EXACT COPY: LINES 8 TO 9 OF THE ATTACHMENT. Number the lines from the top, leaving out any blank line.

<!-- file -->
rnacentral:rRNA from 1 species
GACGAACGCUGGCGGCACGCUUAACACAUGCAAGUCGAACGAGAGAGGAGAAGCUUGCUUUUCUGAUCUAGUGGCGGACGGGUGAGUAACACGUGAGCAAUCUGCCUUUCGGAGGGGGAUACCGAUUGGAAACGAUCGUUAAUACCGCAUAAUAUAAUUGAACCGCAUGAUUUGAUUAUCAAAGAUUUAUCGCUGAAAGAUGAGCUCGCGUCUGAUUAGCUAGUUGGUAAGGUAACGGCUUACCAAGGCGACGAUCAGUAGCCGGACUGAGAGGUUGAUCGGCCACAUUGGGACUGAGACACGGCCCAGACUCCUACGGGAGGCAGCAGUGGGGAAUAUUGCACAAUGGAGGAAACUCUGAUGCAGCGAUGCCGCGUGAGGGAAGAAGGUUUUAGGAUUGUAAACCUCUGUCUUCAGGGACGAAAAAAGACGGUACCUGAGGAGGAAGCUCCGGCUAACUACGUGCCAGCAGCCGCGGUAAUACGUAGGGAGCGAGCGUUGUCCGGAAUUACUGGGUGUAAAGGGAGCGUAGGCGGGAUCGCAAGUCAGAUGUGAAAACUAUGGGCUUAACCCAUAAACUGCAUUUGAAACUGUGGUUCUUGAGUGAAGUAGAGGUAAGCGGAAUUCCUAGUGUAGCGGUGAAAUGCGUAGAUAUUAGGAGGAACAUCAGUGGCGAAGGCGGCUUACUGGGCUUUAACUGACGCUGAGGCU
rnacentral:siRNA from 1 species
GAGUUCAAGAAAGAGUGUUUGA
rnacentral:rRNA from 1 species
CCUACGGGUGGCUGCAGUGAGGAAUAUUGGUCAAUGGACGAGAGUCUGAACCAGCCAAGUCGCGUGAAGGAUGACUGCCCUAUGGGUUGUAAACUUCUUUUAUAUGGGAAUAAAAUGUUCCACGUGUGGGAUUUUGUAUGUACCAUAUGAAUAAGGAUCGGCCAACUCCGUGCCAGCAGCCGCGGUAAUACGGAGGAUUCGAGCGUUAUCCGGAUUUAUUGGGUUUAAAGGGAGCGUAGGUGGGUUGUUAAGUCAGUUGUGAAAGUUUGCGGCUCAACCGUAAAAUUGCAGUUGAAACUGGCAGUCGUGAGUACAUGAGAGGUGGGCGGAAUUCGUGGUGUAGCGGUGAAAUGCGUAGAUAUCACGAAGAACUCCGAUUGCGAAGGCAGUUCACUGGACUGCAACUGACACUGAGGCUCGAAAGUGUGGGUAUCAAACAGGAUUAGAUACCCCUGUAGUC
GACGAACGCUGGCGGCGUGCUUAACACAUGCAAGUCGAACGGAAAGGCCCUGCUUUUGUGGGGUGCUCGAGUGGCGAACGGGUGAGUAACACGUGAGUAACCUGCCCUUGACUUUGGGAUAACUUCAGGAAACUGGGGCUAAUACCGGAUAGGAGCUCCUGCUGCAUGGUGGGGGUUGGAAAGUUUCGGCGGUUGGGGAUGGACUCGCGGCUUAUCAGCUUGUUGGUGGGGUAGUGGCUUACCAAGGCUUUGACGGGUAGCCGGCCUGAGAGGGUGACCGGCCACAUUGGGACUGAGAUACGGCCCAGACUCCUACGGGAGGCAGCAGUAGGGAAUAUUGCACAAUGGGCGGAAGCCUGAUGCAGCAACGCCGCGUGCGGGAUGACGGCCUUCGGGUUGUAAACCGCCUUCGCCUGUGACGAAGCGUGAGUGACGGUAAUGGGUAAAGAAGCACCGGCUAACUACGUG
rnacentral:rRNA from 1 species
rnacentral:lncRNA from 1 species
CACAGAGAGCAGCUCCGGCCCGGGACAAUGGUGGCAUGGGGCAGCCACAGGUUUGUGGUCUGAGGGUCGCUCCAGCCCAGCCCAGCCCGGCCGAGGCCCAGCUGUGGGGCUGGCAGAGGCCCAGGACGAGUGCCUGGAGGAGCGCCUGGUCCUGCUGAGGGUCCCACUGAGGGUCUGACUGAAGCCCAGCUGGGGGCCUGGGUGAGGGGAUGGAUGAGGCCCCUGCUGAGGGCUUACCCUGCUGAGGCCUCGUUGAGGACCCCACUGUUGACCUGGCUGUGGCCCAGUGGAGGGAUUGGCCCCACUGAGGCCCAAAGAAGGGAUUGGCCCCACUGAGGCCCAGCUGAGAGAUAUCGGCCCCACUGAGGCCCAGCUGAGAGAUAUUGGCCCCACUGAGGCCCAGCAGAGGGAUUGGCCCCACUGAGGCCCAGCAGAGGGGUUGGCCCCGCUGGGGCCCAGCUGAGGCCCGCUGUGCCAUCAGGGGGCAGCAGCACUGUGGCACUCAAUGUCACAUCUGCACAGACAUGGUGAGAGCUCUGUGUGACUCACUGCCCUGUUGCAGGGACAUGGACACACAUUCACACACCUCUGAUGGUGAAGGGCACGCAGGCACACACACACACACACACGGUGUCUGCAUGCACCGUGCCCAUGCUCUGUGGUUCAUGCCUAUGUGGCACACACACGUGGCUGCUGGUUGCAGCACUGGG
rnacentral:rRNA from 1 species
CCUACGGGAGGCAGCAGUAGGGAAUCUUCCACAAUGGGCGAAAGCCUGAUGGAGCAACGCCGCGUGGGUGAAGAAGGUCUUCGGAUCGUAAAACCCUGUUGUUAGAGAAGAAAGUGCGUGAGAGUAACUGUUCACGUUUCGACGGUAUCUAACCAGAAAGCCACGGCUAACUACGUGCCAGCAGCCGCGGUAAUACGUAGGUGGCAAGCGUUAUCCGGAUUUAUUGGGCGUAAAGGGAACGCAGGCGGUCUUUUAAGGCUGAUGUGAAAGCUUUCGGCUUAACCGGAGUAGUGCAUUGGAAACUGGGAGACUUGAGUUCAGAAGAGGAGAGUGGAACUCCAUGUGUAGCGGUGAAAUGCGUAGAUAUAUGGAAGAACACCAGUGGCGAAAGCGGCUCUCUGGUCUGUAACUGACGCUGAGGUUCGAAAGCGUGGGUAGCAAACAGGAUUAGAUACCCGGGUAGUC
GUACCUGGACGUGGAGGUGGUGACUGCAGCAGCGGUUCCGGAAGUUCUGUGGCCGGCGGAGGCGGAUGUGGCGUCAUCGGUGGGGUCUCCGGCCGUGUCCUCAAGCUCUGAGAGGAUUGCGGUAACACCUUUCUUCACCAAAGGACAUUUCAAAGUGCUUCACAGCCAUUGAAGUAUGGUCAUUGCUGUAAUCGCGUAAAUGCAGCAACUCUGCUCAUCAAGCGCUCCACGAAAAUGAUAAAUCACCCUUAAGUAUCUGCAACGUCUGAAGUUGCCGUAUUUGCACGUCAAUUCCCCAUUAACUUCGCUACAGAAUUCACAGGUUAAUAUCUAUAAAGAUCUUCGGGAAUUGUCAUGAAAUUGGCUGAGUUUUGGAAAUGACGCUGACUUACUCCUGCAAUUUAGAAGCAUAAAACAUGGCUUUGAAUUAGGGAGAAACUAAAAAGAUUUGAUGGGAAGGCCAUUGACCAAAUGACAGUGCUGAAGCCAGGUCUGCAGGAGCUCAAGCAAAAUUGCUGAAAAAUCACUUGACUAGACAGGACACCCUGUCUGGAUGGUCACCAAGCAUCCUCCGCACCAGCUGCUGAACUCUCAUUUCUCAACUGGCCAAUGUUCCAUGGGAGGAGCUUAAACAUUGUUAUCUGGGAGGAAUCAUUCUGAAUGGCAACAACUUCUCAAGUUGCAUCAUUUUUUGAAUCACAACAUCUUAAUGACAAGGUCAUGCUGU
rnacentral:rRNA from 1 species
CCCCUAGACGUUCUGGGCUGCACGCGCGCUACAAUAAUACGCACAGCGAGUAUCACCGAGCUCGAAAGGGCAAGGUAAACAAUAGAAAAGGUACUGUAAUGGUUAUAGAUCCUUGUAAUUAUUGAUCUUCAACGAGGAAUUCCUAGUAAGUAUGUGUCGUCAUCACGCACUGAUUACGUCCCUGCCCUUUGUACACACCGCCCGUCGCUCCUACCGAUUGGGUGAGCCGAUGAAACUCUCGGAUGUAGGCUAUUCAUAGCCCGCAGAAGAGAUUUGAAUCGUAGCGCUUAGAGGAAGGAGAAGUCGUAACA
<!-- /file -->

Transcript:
rnacentral:rRNA from 1 species
rnacentral:lncRNA from 1 species